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Maliheh Shaltouki Rizi - Graduate Ag Research Spotlight

I have always believed that big change starts with small steps. This motivates me to find answers to questions that would lead to a better life for humans.

- Maliheh Shaltouki Rizi, PhD student, Department of Agronomy

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When Maliheh “Mali” Shaltouki Rizi describes the ancient Iranian city of Esfahan, she notes its beauty and historical monuments. Growing up there, she was also aware of the importance of agriculture surrounding the metropolitan area because her grandfather farms rice, a popular crop in the region. “My interest in agronomy may arise there,” she says. “I see the farmers that sometimes struggle with different challenges on their farms. If I could help them, they would definitely have better lives.” This interest took her first to Qazvin International University, where her major in medicinal and aromatic plants introduced her to plant breeding and genetics. She then earned a master’s degree at the University of Tehran, where she studied the physiology and breeding of medicinal plants like mint and thyme. While the university is highly selective, it draws primarily Iranian students. “I wanted more experiences to have exposure to diversity,” Rizi says. “To meet other people from other countries could broaden my horizons. I decided to apply to universities in the U.S and specifically Purdue because it is prestigious in agriculture.” She arrived at Purdue in January 2022 to begin doctoral studies with Mohsen Mohammadi, associate professor of agronomy. “From when I started my program, I could reach out to him for advice,” Rizi says of her advisor. “He is a good mentor.”


Rizi’s research focuses on improving wheat root traits to increase the crop’s resilience in different environmental conditions. “Our aim is to develop high-yielding wheat varieties with root characteristics that increase yields,” she explains. Specifically, Rizi uses genomic and phenotyping tools, and bioinformatics approaches to identify quantitative trait loci (QTLs) and find target genes that control these traits. Rizi says that Purdue’s Ag Alumni Seed Phenotyping Facility has been especially useful in her work. Working in biotechnology involves repeating experiments many times, she says: “Sometimes it doesn’t work. Troubleshooting using my creativity motivates me.”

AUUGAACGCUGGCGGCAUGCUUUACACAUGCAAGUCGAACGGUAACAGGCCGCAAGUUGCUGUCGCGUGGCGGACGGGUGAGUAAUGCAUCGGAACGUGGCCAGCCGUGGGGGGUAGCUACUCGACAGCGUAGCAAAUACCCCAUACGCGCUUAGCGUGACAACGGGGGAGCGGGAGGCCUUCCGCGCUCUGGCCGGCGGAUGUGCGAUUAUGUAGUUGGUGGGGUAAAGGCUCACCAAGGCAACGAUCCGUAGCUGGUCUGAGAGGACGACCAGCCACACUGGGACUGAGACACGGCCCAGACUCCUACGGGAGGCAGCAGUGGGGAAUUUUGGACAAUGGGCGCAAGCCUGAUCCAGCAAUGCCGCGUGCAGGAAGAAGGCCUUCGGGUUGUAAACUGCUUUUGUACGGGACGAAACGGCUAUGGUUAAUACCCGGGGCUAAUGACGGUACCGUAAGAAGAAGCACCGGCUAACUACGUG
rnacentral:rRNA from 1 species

Rizi was named a George Washington Carver Scholar at a conference of the National Association of Plant Breeders, an award that provides her with a mentor from industry. “My advisor and department provided me this opportunity to attend the conference, and I really appreciate it,” she says. Her research has led to one published article and a second manuscript submission. Rizi has also honed her leadership and communication skills as public relations chair for agronomy’s graduate student organization and as an officer with Purdue’s Iranian Cultural Club.

future plans

Rizi expects to complete her degree in 2025 and hopes to work in plant breeding and research for a large agriculture company where “I can turn scientific discoveries into practical applications to benefit farmers and society,” she says. “Because U.S. companies have more cutting-edge research, I prefer to start in a U.S. company and then will be open to developing countries.” In her spare time, Rizi enjoys tennis and hiking, reading books about psychology and watching movies.

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